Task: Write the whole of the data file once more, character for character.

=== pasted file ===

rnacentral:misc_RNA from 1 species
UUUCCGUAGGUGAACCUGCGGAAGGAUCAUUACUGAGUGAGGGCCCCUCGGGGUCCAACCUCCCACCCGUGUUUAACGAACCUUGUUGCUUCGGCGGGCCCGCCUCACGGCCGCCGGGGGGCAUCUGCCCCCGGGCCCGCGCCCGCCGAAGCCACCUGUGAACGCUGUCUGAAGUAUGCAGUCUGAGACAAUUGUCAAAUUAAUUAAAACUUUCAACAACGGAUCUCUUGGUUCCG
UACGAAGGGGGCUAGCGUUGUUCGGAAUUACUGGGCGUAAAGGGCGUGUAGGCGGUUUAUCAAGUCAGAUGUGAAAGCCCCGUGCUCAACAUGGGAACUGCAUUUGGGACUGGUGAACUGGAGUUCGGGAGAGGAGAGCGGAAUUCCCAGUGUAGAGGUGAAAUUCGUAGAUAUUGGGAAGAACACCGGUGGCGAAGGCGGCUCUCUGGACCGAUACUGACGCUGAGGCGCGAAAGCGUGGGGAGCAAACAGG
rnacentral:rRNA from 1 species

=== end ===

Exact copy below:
rnacentral:misc_RNA from 1 species
UUUCCGUAGGUGAACCUGCGGAAGGAUCAUUACUGAGUGAGGGCCCCUCGGGGUCCAACCUCCCACCCGUGUUUAACGAACCUUGUUGCUUCGGCGGGCCCGCCUCACGGCCGCCGGGGGGCAUCUGCCCCCGGGCCCGCGCCCGCCGAAGCCACCUGUGAACGCUGUCUGAAGUAUGCAGUCUGAGACAAUUGUCAAAUUAAUUAAAACUUUCAACAACGGAUCUCUUGGUUCCG
UACGAAGGGGGCUAGCGUUGUUCGGAAUUACUGGGCGUAAAGGGCGUGUAGGCGGUUUAUCAAGUCAGAUGUGAAAGCCCCGUGCUCAACAUGGGAACUGCAUUUGGGACUGGUGAACUGGAGUUCGGGAGAGGAGAGCGGAAUUCCCAGUGUAGAGGUGAAAUUCGUAGAUAUUGGGAAGAACACCGGUGGCGAAGGCGGCUCUCUGGACCGAUACUGACGCUGAGGCGCGAAAGCGUGGGGAGCAAACAGG
rnacentral:rRNA from 1 species